A heartfelt and wondrous debut about family, fear, and skateboarding, that Karen Russell calls "A bruiser of a tale . . . a death-defying coming-of-age story."
Will has never been outside, at least not since he can remember. And he has certainly never gotten to know anyone other than his mother, a fiercely loving yet wildly eccentric agoraphobe who panics at the thought of opening the front door. Their world is rich and fun- loving—full of art, science experiments, and music—and all confined to their small house.
But Will’s thirst for adventure can’t be contained. Clad in a protective helmet and unsure of how to talk to other kids, he finally ventures outside. At his new school he meets Jonah, an artsy loner who introduces Will to the high-flying freedoms of skateboarding. Together, they search for a missing local boy, help a bedraggled vagabond, and evade a dangerous bootlegger. The adventure is more than Will ever expected, pulling him far from the confines of his closed-off world and into the throes of early adulthood, and all the risks that everyday life offers.
In buoyant, kinetic prose, Michael Christie has written an emotionally resonant and keenly observed novel about mothers and sons, fears and uncertainties, and the lengths we’ll go for those we love.
APPLE BOOKS REVIEW
Thunder Bay can be a terrifying place: there are wolves in the schoolyard, menacing strangers, accidents at the mill, and peril around every corner. At least that’s why Will’s agoraphobic mother has never let him go outside. But when the protagonist of If I Fall, If I Die leaves the bubble, this tense, exploratory coming-of-age tale takes flight. While Will’s search for a missing boy drives the action, this elegant novel is grounded in the hero's quiet friendship with Jonah—a skateboarder from the rough part of town—and in Canadian writer Michael Christie's compassionate portrayal of mental illness.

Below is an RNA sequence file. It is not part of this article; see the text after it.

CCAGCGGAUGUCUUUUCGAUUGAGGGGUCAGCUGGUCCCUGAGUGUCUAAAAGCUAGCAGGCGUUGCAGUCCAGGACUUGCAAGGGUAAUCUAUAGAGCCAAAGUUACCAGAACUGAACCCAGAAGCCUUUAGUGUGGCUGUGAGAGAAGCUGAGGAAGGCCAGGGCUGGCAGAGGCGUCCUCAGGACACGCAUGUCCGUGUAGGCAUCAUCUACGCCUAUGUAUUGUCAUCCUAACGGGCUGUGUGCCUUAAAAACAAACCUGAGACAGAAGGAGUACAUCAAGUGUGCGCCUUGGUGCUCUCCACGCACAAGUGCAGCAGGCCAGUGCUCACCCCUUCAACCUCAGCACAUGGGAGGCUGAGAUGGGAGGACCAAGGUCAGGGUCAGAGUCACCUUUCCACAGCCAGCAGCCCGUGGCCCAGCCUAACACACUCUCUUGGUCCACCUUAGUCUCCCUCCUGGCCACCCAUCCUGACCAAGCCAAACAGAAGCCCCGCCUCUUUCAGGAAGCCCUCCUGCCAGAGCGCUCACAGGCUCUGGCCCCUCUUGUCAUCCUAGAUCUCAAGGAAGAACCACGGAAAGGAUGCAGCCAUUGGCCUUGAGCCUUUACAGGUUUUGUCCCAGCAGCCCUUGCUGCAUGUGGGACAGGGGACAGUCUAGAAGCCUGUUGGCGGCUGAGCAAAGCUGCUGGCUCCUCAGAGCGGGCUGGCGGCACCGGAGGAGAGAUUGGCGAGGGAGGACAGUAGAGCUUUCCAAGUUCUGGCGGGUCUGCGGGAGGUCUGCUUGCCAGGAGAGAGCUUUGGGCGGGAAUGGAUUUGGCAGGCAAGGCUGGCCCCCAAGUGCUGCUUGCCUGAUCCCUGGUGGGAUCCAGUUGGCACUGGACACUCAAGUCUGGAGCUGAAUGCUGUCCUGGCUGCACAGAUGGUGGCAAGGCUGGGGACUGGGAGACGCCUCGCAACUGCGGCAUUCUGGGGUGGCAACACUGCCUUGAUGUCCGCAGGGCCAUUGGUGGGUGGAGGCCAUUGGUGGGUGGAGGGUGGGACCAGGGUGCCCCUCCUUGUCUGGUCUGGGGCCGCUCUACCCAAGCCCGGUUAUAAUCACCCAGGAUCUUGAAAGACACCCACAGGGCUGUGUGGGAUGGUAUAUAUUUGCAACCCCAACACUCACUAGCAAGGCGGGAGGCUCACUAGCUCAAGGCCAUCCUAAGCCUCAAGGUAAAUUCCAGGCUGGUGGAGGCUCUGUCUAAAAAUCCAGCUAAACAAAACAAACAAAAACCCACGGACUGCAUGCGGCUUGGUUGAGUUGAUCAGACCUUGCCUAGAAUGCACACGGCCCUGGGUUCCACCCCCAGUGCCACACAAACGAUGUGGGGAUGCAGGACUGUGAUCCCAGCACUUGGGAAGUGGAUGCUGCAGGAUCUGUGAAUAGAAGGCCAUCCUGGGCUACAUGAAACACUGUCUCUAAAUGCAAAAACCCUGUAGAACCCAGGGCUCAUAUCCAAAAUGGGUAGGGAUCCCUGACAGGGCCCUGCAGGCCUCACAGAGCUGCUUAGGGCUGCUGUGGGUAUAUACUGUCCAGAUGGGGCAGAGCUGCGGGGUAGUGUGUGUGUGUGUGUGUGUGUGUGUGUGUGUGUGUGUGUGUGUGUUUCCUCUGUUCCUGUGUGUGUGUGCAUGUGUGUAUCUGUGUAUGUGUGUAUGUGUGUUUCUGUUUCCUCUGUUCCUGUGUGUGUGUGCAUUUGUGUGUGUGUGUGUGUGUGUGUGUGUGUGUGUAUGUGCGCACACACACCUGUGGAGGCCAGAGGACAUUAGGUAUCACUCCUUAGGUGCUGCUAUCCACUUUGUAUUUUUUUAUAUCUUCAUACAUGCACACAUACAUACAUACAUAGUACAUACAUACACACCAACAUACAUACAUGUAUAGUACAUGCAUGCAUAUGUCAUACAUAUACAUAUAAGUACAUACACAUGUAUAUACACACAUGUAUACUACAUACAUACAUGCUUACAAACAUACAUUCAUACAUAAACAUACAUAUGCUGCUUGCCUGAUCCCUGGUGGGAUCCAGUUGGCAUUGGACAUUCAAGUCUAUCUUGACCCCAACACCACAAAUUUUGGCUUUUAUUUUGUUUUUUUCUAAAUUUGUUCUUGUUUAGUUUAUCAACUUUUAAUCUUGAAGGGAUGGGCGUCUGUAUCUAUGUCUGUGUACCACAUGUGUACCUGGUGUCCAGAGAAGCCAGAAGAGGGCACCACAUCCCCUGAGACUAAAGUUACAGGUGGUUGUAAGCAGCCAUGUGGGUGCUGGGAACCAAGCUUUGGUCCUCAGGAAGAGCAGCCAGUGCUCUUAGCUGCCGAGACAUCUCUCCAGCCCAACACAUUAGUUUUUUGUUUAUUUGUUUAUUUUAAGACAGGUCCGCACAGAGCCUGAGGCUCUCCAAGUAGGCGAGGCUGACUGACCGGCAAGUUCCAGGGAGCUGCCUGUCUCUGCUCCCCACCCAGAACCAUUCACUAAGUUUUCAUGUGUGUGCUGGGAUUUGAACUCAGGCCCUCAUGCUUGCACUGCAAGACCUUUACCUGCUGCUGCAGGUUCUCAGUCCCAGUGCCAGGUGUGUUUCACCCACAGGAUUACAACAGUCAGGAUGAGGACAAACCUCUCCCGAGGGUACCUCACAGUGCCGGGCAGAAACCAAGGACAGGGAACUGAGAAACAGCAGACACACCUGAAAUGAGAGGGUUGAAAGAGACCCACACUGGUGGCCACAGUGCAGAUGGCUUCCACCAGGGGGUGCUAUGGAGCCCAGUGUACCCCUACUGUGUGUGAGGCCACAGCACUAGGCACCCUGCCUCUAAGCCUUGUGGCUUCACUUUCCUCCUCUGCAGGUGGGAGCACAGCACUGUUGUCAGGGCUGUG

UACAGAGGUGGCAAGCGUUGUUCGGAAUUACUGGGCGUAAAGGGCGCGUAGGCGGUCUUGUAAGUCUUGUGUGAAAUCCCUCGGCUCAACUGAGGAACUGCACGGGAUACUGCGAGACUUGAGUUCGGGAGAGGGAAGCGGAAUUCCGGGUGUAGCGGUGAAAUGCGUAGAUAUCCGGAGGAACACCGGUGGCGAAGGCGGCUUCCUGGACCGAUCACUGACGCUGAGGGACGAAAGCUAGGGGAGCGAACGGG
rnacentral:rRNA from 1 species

"The Outside" has never seemed as dangerous and as magical as in the debut novel by Christie (the story collection The Beggar's Garden) about a boy who lives confined in his home with his agoraphobic mother. Until the age of 11, Will has never set foot Outside; he spends his time indoors painting "masterpieces," conducting Destructivity experiments, and dealing with the many deliverymen his mother fears. When a strange noise brings Will outdoors for the first time, he encounters a boy who soon disappears, sparking Will's curiosity about not only the boy's whereabouts but also the Outside world in general. Against his mother's wishes, he starts attending school, making friends, and picking up skateboarding. Alternating chapters between Will's increasingly daring adventures Outside and his mother's increasing reclusiveness hint at his mother's past and the source of her condition. While the mysterious family backstory at times distracts from the delightful simplicity of Will's misadventures, the boy's raw but clever commentary brims with a fierce poignancy that makes the book very difficult to put down.